Morgan Stanley has added back hundreds of jobs in its fixed-income division, which was shrunk in a pivotal 2015 restructuring that saw the bank move away from trading bonds, currencies and commodities.
James Gorman, chief executive, said he had no hesitation reinvesting in fixed income as circumstances changed. “You don’t live in a world which stays still,” he told the Financial Times. “As we saw opportunities, and a lot of our competitors retreated from the space, and we’re running a profitable business that was meeting our target threshold, we’d be stupid not to take advantage of that.”
Ted Pick, head of Morgan Stanley’s investment bank, told the Financial Times that about half of the 1,200 jobs cut five years ago had since been added back.
The fixed-income overhaul was one of Wall Street’s most celebrated post-crisis restructurings, winning Morgan Stanley praise for dealing decisively with the falling profitability of the division in a world of tougher regulation and flagging client demand.
It marked a dramatic break with the stay-the-course strategy of longtime rival Goldman Sachs, whose then-chief executive Lloyd Blankfein insisted the challenges in the fixed-income market were temporary. Goldman deferred significant restructuring until 2019 when David Solomon took over as chief executive.
Defying expectations — and predictions from rivals — that it was throwing in the towel, Morgan Stanley’s fixed-income revenues began to rise almost immediately after its decision to cut 25 per cent of the division’s resources. Average quarterly fixed-income revenues came in at $1.28bn in 2016, a touch ahead of 2015’s and comfortably better than the $1bn a quarter Morgan Stanley targeted.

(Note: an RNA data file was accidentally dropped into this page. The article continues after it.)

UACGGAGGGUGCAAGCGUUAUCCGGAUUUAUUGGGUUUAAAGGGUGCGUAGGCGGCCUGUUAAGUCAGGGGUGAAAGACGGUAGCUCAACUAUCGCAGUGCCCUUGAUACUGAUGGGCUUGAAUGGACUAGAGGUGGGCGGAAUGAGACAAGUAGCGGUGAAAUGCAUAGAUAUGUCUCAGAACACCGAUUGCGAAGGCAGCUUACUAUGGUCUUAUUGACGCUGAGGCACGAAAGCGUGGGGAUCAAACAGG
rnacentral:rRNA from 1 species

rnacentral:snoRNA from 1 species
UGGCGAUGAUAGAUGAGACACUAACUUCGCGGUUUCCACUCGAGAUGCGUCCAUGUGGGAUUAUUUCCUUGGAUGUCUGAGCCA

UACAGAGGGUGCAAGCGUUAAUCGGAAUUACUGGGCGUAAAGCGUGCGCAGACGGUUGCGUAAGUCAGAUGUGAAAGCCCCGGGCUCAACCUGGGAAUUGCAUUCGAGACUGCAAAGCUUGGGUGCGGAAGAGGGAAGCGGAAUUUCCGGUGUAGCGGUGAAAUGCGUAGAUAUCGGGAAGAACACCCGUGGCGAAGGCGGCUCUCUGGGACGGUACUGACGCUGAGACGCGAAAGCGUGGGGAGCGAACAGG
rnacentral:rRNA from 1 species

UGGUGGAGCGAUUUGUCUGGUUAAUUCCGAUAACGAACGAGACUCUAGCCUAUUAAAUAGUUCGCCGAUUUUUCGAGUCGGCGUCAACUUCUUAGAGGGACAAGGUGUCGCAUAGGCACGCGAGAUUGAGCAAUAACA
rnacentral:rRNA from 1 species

The growth accelerated in recent years, culminating in record revenues of $3bn in the second quarter of 2020, a level that Mr Gorman said was driven by extraordinary market conditions and would not be repeated. The number was behind Goldman’s $4.2bn for the same quarter, but was still big enough to leave outsiders wondering how Morgan Stanley managed to grow so much after cutting so deeply.
Mr Pick said the fixed-income division had been adding staff in recent years, and had now “regrown that business by about half” of the headcount that was eliminated in 2015. The assets allocated to fixed income had also increased, Mr Pick said, though like-for-like comparisons were not possible given regulatory changes.
“Having a fixed-income business in place, with the right kind of client focus, technology kit and risk discipline, we felt we could now grow . . . the business prudently in a balanced way,” Mr Pick said, describing how technology, higher market-wide revenues and falling competition had improved the business’s economics under Sam Kellie-Smith, who took over fixed income in 2015 and led its restructuring.
Mr Gorman said the investment in fixed income “doesn’t mean you’re increasing the volatility of the business”. Still, the risk in Morgan Stanley’s overall trading book — as measured by the daily potential losses — averaged $60m in the second quarter, up 33 per cent on its level in the second quarter of 2016, partly because of increased market volatility.
Mr Pick said that aside from selling some assets like its physical commodities business, Morgan Stanley avoided leaving areas completely, instead opting to “resize” businesses to reflect tough market conditions in 2015.
“Certainly in the initial days [after the restructuring], we were doing a lot less, period, because we needed to reset and figure out what the clients want and what capability did we have,” he said.
Businesses where the bank pulled back, and where it has since reinvested, include some securitised products, including commercial and residential mortgages.
“This has not just been an aspiration to reach for revenues,” said Mr Pick, describing how business must meet return targets but also have a “durability and predictability”.
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